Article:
During their time to shine, the graduates received honors and awards, heard reminisces from fellow classmates. Students Elizabeth Heeb and Kurstin Koch were named valedictorian and salutatorian. The night was wrapped up with the presentation of diplomas.
"It's amazing that we've come so far," senior Kelsie Brown said at Tuesday morning's practice. "I'm very excited, but it's kind of nerve-racking."
Brown plans to attend Southeast Missouri State University in the fall and major in art education.
At the commencement, the senior poem, "Now and Then," was written and read by Taylor Allen, who also presided over the ceremony in her role as class president. Allen also presented the four speakers selected through a tryout process: Aidan Marshall, Logan Hampton, Riley Lape and Aly Friend.
"We learned that the most imposing thing about high school is what comes after high school for each of us," she said."
Hampton also reminisced on school days of the past in his speech "Slow Down, Look Around."
"Did we ever slow down and look around? I don't think so," he said. But he urged his classmates to do just that. "Let's slow down for a couple of minutes and see what we've become," Hampton said.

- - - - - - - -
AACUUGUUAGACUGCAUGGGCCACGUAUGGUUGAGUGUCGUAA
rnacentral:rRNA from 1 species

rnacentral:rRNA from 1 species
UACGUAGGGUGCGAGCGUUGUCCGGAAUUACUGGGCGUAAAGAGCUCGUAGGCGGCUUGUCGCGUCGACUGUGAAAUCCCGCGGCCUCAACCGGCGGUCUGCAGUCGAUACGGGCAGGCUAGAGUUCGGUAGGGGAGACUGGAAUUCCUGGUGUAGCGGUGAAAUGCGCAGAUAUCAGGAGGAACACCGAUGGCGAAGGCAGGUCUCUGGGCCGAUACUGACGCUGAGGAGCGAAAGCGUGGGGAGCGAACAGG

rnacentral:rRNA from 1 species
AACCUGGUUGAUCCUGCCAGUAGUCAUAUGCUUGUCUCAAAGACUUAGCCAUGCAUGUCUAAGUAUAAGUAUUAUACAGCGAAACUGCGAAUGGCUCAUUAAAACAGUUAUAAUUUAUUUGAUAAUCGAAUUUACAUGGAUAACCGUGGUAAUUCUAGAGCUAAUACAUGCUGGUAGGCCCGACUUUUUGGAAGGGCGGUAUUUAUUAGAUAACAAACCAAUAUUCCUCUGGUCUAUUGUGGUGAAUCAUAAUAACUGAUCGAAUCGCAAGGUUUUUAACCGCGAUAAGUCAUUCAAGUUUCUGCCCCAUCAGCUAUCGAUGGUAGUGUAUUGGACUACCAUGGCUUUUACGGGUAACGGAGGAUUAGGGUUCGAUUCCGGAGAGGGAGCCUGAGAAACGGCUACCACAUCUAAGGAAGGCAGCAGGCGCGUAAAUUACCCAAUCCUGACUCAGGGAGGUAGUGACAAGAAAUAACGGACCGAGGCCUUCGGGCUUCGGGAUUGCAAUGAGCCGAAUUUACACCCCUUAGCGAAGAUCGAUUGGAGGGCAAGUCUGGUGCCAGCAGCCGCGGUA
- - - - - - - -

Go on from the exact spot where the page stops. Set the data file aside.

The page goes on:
In "Nostalgia Then, Reality Now," Lape talked about his anticipations for high school, based on TV shows such as "Boy Meets World" and "Saved by the Bell." But in reality, it wasn't the "brightly-colored paradise," he had seen on TV, Lape said. But that was OK.
Rounding out the speakers, Friend borrowed inspiration from the 1980s hit song "Celebration," in her speech, "Celebrate Our Day."
"My friends and I learned early in the year that we need to celebrate as much as possible," she said. Regardless of how busy they were, they would always be in the front row at Friday night football games or cheering on other teams, she said.
Beginning with graduation, Friend said seniors would finally choose their own path. "We're ready. Tonight is ours," she said. "Let's celebrate!"
Principal Tom Williams gave honors and awards and Steve Borgsmiller, superintendent, presented the class. Paul Boyd, school board president, and Brad Blackman, assistant principal, gave out diplomas.
Although many students, and audience members teared up during the ceremony, Kurstin Koch assured she would not be one of them. "I'm just excited," she said. "I'm not sad at all."
Koch, who was also named salutatorian, plans to attend Harding University in Arkansas.
Felicia Kennedy, senior class counselor, estimated 47 percent of the 215 graduates would go on to a four-year college or university, 24 percent would go to a two-year school and 7 percent would join the military. The remaining students' plans were classified as other, and included those undecided and who planned to go straight to work, she said.
Top college choices included Mizzou, Ole Miss, Truman State University, Missouri State University, Arkansas State University and Southeast Missouri State University.
Kennedy said she was quite proud of the group, especially those who had experienced accidents and suffered from cancer and other illnesses. She continued: "This group has really grown and they've matured into very intelligent and solid young ladies and gentlemen."